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(Amicus) Case seeking to ensure effective access to antidiscrimination protections in business establishments for disabled Californians, including people living with HIV.


California’s Unruh Civil Rights Act requires that public accommodations — businesses such as restaurants, rental housing, and doctors’ offices — are open to everyone, without arbitrary discrimination based on disability (including HIV), sex (including gender identity), sexual orientation, race or several other personal characteristics. Similarly, the federal Americans with Disabilities Act (ADA) forbids denying disabled people equal access to public places. In 1992, California revised the Unruh Act to better protect disabled Californians from discrimination by saying that a plaintiff who proves an ADA violation has also proven a state law violation.

In Munson, the California Supreme Court was asked to decide whether additional proof would be needed for disabled Californians to get monetary relief when they are discriminated against in violation of both the ADA and the Unruh Act: specifically, whether they would be required to demonstrate intentional discrimination for every claim — an additional burden that would have deprived many disabled Californians of the full protection of the state law. Lambda Legal filed a friend-of-the-court brief urging the Court to make sure all disabled Californians, including those with HIV, are afforded effective protection under the state antidiscrimination law without overly burdensome proof requirements.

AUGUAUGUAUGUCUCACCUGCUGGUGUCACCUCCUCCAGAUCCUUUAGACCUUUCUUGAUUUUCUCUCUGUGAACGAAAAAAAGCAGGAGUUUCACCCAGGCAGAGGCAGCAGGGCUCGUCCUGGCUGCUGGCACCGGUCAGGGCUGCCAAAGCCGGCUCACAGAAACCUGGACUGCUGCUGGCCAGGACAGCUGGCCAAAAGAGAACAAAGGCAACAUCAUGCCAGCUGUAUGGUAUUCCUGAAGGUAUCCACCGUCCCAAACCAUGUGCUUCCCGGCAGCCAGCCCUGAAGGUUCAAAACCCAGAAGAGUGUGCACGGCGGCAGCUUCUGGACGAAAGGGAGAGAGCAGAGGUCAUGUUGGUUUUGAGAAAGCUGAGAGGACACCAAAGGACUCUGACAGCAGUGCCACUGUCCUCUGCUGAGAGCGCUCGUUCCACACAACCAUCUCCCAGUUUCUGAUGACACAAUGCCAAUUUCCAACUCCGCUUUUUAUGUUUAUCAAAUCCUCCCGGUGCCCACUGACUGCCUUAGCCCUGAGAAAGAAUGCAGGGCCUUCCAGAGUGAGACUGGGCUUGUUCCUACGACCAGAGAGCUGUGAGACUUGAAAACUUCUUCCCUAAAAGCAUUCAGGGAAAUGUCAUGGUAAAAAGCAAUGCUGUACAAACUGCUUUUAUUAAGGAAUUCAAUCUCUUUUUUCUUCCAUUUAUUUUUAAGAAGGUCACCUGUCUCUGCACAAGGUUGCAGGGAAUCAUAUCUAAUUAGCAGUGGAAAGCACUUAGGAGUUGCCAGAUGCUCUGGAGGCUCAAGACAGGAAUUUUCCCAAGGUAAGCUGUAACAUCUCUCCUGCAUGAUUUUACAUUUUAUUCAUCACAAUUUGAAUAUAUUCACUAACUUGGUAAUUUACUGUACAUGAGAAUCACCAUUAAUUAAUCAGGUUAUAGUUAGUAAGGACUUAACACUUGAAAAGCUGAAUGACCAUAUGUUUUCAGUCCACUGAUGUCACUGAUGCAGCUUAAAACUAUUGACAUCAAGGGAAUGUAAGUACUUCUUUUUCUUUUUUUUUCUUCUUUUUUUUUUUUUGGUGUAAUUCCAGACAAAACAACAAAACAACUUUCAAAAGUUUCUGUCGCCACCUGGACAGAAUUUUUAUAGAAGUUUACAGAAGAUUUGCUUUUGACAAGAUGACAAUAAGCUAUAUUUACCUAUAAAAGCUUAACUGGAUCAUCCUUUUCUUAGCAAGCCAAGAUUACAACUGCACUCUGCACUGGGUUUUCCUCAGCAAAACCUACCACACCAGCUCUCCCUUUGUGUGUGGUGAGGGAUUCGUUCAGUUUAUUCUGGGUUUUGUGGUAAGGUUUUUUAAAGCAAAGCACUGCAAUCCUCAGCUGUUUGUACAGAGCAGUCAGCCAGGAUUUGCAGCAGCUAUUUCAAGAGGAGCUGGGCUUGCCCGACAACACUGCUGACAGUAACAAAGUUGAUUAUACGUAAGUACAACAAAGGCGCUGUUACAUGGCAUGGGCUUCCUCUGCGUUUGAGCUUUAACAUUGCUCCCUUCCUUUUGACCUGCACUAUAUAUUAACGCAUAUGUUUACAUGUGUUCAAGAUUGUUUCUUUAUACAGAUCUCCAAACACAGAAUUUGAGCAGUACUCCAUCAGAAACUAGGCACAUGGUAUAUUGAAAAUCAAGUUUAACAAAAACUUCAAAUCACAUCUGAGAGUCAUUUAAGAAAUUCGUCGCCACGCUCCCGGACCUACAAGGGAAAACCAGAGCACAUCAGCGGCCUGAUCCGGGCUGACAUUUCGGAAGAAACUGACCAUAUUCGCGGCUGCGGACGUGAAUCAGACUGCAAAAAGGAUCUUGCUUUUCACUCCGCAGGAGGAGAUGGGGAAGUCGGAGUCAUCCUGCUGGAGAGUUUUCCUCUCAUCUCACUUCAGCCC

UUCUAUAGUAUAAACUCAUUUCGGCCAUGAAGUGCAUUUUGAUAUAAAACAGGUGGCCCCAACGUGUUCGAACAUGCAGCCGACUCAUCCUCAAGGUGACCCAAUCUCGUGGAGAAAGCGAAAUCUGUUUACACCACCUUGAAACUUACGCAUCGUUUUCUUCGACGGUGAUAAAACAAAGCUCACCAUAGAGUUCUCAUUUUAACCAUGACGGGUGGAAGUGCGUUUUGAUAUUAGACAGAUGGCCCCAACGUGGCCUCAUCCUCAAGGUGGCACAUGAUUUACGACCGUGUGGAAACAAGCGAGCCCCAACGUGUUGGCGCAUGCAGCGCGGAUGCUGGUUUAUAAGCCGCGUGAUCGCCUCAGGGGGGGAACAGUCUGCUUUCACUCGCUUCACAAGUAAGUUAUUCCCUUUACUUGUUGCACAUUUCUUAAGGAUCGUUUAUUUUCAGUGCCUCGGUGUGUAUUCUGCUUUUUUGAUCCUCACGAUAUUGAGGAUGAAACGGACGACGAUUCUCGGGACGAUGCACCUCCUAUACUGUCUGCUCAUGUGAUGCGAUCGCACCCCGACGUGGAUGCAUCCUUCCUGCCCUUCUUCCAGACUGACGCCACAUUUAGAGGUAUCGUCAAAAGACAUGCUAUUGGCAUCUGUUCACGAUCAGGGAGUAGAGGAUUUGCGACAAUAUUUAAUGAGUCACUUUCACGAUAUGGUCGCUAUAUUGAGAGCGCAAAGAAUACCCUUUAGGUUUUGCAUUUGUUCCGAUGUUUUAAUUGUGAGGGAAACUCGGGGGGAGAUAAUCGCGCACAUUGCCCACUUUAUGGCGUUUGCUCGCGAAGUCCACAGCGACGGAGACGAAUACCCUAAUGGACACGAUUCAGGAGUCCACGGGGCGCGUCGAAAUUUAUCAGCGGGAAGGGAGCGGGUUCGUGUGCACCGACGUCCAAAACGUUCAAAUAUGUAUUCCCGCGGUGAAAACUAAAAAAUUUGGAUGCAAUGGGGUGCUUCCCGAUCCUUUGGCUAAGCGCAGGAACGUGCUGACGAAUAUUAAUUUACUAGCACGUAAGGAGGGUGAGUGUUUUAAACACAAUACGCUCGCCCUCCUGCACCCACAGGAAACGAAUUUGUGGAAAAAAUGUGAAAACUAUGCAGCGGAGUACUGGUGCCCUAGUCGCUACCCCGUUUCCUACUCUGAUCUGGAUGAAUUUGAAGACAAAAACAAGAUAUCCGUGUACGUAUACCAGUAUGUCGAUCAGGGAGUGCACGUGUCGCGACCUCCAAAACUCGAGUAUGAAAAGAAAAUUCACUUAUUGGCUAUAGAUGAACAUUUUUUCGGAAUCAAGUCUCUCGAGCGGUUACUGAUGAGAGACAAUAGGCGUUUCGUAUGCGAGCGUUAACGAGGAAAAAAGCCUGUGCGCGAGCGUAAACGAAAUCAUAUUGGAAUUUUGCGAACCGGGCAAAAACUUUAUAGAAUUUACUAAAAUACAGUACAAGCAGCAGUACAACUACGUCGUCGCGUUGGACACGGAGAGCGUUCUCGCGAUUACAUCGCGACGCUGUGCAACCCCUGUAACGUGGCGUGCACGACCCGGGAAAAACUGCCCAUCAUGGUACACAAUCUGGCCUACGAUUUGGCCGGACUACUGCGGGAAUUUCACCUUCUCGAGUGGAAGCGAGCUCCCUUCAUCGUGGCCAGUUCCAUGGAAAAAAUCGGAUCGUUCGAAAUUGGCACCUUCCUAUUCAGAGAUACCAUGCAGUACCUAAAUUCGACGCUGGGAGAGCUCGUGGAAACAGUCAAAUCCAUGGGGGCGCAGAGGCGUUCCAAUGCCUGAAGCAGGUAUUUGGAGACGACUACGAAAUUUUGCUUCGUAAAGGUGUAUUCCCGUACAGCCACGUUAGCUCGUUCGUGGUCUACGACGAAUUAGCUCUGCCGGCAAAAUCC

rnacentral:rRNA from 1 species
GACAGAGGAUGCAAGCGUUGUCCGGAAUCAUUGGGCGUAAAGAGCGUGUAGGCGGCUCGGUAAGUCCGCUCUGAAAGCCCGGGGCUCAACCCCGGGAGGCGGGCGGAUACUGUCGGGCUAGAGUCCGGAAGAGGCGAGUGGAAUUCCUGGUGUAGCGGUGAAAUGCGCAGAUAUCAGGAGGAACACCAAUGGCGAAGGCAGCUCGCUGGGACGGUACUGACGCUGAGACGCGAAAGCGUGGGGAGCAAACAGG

Millions of Californians, including people with HIV, rely on the Unruh Civil Rights Act to protect them from discrimination in business establishments. Because misinformation, confusion and bias relating to HIV remains prevalent, it is critically important that we have effective laws to prevent denials of equal access and to eliminate discrimination from California’s community life. To deter businesses from discriminatory behavior, victims must have effective ways to bring discrimination claims without overly burdensome proof requirements.

Lambda Legal’s Impact

Lambda Legal’s brief ensured that the Court was aware that its ruling would affect all disabled Californians, including the many Californians living with HIV who depend on the Unruh Act for protection from discrimination.


  • June 2005 Plaintiff Kenneth Munson files lawsuit against Del Taco, Inc. for discrimination based on his disability.
  • June 2008 The California Supreme Court accepts review of a new question under California law: Are plaintiffs required to prove an additional element of intent to state a claim for discrimination under the Unruh Civil Rights Act?
  • December 2008 Lambda Legal files friend-of-the-court brief on behalf of several HIV advocacy organizations, explaining the need for effective antidiscrimination protections for people living with HIV.
  • June 2009 Victory! The California Supreme Court unanimously rules that California’s Unruh Civil Rights Act does not impose extra legal hurdles for people with disabilities, including people living with HIV who seek damages for discrimination.